World Bipolar Day is observed on March 30 every year, which was artist Vincent Van Gogh’s birthday. Van Gogh was posthumously diagnosed as having bipolar disorder.

World Bipolar Day is a day to focus on a serious mental/brain illness that afflicts 60 million people worldwide, even more because statistics for children are not counted. This includes 5.7 million American adults, or 2.6 percent of the adult population in the U.S., which may encompass more than 50,000 servicemembers [calculated by extrapolation] and 700,000 veterans, according to VA data; and that likely affects more than 80 million Americans — family members, friends and work colleagues. The swath of destruction is vast and tragic.

Bipolar disorder, left unchecked, can wreck marriages, families, careers, finances and friendships; it can lead to addictions, homelessness, prison and suicide.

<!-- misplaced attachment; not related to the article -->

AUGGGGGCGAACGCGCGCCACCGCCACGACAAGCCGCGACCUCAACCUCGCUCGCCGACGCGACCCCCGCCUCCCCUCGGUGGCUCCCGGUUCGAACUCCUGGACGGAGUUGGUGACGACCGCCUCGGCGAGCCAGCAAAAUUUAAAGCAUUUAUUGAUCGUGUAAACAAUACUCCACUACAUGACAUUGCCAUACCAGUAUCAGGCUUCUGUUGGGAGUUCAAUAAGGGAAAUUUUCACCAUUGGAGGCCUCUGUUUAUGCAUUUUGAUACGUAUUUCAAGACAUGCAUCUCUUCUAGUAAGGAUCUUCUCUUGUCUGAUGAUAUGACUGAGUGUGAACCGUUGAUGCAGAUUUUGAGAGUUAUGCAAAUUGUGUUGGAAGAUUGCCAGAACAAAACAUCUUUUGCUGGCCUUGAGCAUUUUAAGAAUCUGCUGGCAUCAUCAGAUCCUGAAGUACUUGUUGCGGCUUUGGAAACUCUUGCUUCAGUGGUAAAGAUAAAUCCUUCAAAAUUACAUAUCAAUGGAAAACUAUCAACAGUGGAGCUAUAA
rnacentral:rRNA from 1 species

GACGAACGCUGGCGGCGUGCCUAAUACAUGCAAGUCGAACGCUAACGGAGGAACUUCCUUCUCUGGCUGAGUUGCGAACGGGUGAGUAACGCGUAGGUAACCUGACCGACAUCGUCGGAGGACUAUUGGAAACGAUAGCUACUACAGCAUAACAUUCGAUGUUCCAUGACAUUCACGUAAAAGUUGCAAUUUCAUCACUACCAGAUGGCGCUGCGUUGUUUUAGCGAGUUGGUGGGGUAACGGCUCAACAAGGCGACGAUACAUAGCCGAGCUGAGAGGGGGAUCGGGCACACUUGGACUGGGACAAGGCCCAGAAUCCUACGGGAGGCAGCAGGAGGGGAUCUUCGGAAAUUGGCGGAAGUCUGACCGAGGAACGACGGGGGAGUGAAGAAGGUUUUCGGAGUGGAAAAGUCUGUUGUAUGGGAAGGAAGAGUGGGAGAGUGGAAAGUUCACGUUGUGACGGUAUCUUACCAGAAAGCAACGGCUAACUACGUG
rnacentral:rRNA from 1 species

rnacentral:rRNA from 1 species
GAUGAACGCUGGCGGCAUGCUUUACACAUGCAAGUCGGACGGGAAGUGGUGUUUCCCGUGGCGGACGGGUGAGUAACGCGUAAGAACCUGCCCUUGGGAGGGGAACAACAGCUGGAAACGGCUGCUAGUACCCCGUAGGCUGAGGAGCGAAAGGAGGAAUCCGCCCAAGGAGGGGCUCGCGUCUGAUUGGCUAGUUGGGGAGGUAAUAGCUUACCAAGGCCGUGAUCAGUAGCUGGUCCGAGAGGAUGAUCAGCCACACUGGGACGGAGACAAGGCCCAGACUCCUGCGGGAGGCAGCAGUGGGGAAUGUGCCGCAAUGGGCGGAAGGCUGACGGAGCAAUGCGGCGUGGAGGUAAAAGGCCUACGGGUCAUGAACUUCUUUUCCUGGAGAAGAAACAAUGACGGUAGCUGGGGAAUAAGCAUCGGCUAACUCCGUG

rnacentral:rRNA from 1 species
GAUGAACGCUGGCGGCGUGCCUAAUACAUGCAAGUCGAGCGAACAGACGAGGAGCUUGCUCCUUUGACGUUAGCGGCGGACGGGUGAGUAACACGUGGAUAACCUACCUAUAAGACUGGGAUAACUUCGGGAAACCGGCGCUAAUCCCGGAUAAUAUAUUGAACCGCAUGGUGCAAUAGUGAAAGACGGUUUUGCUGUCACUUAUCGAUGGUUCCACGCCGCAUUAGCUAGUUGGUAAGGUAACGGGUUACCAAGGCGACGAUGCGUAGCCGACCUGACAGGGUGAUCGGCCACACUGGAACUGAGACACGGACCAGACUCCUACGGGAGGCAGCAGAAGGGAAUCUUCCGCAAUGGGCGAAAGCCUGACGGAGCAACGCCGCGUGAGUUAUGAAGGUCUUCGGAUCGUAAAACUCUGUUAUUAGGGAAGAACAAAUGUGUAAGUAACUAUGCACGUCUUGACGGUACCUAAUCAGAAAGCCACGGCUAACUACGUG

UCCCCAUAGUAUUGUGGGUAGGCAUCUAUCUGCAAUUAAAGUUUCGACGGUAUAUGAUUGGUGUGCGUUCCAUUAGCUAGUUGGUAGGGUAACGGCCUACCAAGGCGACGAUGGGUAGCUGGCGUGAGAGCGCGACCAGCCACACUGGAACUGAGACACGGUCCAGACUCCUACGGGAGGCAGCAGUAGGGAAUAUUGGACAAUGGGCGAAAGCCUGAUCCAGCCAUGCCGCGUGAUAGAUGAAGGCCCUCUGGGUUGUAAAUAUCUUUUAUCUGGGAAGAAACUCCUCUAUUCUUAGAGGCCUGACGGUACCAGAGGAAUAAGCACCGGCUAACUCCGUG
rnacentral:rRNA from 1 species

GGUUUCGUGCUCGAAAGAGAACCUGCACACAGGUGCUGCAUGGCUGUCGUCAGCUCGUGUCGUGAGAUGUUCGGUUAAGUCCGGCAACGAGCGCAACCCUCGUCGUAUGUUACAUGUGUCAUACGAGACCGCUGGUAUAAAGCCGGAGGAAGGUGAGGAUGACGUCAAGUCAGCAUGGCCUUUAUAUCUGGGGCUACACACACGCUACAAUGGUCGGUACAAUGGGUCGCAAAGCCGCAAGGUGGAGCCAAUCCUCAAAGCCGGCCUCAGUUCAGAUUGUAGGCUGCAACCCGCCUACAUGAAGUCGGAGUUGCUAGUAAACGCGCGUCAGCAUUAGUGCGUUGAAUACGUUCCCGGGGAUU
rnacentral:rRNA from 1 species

Furthermore, many people with the disease are unaware they have it, often resist medical help, and even when they get help, are misdiagnosed. In my case, I was unaware for 11 years, then misdiagnosed as “fit for duty” three times when my symptoms were severe, and only diagnosed correctly after I had crashed into crippling depression and was virtually non-functional, making it easy to recognize.

That’s the bad news.

The good news is that, if treated, the disease can be brought under control and managed, and the afflicted person can live a healthy, happy, successful life.

I know and told my story a year ago in Task & Purpose.

As a bipolar survivor, I unknowingly served for more than a decade with serious, then acute bipolar, then battled for my life against the disease, spending weeks in a VA inpatient facility, and years undergoing a plethora of treatments, therapies and medications, including electroconvulsive therapy. After a punishing crisis and recovery, I stabilized and then rebuilt my shattered life into one of health, happiness and purpose. But I will always have bipolar in my brain. There is currently no cure. I am fighting a “forever war” to manage and contain it.